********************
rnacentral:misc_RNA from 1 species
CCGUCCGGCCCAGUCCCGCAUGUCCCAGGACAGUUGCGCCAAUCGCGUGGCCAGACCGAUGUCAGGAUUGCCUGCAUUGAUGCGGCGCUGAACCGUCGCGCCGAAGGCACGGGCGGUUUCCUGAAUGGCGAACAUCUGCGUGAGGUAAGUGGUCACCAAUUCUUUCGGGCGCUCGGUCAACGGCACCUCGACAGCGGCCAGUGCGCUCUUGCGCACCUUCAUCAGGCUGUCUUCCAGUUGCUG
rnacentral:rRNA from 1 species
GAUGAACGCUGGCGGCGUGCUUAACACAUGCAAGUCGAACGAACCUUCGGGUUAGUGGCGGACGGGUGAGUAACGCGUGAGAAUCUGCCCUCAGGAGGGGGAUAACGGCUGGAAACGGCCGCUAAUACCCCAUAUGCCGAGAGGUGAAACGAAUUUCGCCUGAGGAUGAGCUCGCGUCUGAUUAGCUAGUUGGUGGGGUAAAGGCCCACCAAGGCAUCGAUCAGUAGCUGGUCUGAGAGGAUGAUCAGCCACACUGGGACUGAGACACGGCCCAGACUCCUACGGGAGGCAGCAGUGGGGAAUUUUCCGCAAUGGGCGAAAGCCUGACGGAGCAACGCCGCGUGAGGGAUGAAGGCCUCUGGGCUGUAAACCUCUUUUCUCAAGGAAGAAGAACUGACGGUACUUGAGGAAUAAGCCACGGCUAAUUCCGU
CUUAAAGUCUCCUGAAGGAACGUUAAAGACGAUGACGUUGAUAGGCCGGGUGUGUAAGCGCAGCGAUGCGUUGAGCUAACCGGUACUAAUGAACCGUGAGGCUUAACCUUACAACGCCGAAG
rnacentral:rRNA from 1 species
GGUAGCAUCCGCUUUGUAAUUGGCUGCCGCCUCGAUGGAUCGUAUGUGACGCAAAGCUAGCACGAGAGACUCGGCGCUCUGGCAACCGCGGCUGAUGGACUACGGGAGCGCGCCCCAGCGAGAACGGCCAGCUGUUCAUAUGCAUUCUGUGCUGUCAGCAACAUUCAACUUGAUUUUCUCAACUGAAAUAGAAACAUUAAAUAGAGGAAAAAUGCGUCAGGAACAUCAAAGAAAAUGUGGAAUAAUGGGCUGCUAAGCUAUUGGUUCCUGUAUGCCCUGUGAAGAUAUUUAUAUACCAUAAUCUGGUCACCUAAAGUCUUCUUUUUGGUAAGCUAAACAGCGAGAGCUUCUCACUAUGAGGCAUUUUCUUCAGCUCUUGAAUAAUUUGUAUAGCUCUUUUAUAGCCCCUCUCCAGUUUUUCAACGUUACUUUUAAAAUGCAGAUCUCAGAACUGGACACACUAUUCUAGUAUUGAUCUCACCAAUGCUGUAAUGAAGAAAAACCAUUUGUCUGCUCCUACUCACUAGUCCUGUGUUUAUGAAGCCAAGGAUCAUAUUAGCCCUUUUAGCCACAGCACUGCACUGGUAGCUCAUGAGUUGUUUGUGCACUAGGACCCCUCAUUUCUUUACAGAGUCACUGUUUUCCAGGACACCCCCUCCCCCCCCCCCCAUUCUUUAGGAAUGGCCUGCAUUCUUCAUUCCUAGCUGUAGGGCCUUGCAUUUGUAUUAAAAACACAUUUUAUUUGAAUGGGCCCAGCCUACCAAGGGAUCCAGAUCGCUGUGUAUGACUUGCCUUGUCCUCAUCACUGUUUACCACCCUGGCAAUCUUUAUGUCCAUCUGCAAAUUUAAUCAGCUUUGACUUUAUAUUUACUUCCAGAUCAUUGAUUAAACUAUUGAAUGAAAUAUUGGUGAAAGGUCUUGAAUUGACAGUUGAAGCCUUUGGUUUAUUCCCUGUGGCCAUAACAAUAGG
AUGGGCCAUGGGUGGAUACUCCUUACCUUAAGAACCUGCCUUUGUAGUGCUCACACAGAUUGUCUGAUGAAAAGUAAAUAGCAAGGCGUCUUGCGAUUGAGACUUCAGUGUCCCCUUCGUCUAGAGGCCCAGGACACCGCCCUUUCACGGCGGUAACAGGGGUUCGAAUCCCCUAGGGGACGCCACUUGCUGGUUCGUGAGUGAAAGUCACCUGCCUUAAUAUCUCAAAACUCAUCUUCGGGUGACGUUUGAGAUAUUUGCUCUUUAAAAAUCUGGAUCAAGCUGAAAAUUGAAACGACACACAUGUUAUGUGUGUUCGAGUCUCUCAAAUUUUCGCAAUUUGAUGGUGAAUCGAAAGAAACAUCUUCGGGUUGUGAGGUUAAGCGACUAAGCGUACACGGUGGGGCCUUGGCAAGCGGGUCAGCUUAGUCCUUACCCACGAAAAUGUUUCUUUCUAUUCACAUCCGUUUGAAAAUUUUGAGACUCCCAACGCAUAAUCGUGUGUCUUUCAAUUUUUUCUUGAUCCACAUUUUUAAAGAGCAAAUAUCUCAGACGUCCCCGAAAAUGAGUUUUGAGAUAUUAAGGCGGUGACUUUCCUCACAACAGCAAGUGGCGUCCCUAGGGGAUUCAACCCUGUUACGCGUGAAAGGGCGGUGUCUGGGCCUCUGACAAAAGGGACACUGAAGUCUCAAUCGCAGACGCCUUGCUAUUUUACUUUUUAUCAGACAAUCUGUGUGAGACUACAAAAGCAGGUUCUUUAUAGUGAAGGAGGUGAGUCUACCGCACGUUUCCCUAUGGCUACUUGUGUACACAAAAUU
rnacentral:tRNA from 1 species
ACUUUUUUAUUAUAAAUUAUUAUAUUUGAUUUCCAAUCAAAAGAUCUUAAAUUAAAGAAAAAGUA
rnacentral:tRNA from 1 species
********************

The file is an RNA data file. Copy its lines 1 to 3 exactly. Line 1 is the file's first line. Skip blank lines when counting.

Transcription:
rnacentral:misc_RNA from 1 species
CCGUCCGGCCCAGUCCCGCAUGUCCCAGGACAGUUGCGCCAAUCGCGUGGCCAGACCGAUGUCAGGAUUGCCUGCAUUGAUGCGGCGCUGAACCGUCGCGCCGAAGGCACGGGCGGUUUCCUGAAUGGCGAACAUCUGCGUGAGGUAAGUGGUCACCAAUUCUUUCGGGCGCUCGGUCAACGGCACCUCGACAGCGGCCAGUGCGCUCUUGCGCACCUUCAUCAGGCUGUCUUCCAGUUGCUG
rnacentral:rRNA from 1 species